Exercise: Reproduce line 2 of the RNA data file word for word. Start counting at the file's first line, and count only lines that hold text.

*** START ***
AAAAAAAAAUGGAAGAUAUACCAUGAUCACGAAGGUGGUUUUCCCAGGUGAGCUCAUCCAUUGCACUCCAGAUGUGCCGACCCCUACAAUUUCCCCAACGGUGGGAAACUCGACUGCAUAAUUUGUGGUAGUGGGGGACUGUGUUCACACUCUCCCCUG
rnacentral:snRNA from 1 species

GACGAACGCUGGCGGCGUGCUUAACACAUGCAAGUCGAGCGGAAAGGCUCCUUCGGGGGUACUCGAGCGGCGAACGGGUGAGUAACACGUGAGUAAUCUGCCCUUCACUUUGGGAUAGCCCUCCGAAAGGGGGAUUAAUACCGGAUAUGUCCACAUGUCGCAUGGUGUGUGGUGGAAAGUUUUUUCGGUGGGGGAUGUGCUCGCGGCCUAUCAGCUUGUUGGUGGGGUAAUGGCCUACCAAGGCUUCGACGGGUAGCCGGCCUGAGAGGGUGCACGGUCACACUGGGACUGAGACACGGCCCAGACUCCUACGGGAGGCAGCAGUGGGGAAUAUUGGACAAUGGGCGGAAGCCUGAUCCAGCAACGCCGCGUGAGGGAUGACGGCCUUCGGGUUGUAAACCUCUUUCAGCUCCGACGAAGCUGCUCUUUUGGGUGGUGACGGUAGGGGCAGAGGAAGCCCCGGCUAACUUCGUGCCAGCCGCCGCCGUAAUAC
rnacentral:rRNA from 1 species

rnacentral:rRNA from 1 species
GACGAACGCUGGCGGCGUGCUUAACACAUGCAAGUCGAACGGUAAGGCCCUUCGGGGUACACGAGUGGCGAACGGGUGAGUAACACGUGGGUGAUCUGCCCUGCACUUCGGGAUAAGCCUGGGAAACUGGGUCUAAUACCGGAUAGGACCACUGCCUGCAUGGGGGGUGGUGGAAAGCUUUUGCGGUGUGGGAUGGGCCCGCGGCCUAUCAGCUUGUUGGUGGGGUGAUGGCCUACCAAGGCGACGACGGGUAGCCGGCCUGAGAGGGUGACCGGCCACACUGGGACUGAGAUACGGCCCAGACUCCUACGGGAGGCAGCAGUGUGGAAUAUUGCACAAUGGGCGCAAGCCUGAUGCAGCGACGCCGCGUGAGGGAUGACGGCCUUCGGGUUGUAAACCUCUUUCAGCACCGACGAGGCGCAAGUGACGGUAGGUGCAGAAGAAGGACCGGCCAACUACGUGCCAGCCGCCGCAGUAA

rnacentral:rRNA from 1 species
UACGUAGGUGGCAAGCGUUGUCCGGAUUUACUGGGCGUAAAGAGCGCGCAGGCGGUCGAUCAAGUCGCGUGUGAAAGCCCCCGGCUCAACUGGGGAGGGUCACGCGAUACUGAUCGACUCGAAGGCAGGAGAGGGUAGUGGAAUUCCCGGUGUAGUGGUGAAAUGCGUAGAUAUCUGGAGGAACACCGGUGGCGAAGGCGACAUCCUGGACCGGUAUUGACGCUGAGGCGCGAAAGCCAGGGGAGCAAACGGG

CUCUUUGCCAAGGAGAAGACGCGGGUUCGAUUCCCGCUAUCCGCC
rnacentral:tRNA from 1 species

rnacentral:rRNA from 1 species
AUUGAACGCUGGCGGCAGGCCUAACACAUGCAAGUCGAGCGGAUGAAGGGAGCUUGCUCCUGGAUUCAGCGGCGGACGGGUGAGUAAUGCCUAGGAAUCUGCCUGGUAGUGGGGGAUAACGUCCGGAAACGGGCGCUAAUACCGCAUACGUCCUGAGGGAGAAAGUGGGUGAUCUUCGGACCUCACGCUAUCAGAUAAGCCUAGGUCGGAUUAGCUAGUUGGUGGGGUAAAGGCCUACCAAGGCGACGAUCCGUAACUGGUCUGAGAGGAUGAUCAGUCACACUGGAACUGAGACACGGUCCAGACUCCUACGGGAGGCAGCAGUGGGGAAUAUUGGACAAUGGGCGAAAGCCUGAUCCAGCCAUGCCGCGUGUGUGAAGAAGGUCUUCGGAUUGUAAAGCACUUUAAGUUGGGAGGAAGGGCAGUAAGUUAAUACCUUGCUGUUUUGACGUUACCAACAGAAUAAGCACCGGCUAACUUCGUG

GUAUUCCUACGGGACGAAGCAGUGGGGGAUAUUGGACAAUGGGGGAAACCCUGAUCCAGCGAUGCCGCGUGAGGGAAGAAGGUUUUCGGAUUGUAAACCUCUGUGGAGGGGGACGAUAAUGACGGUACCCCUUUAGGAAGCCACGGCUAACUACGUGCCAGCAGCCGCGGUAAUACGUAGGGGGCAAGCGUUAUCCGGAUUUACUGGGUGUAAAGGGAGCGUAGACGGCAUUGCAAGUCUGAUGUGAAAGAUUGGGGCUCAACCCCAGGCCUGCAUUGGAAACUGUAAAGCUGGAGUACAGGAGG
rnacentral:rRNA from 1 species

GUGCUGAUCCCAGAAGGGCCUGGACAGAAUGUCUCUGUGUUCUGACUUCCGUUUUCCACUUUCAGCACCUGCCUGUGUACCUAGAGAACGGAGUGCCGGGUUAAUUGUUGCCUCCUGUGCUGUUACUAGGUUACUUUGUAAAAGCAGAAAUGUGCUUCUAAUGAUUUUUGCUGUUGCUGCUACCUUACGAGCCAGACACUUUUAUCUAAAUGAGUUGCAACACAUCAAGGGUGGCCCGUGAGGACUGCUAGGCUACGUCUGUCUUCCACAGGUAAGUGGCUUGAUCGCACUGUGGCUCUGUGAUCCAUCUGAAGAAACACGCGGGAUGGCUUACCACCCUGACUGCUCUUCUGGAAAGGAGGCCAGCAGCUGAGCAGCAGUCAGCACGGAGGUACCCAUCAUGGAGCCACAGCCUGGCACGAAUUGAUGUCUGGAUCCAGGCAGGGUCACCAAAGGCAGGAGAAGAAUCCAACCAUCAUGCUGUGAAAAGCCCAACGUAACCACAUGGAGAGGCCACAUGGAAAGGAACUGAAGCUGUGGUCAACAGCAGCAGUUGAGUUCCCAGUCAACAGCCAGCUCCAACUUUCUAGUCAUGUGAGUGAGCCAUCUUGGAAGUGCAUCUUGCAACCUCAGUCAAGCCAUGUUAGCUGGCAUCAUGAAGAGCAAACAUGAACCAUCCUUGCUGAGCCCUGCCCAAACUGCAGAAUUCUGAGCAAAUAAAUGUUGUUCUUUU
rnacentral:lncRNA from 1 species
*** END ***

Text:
rnacentral:snRNA from 1 species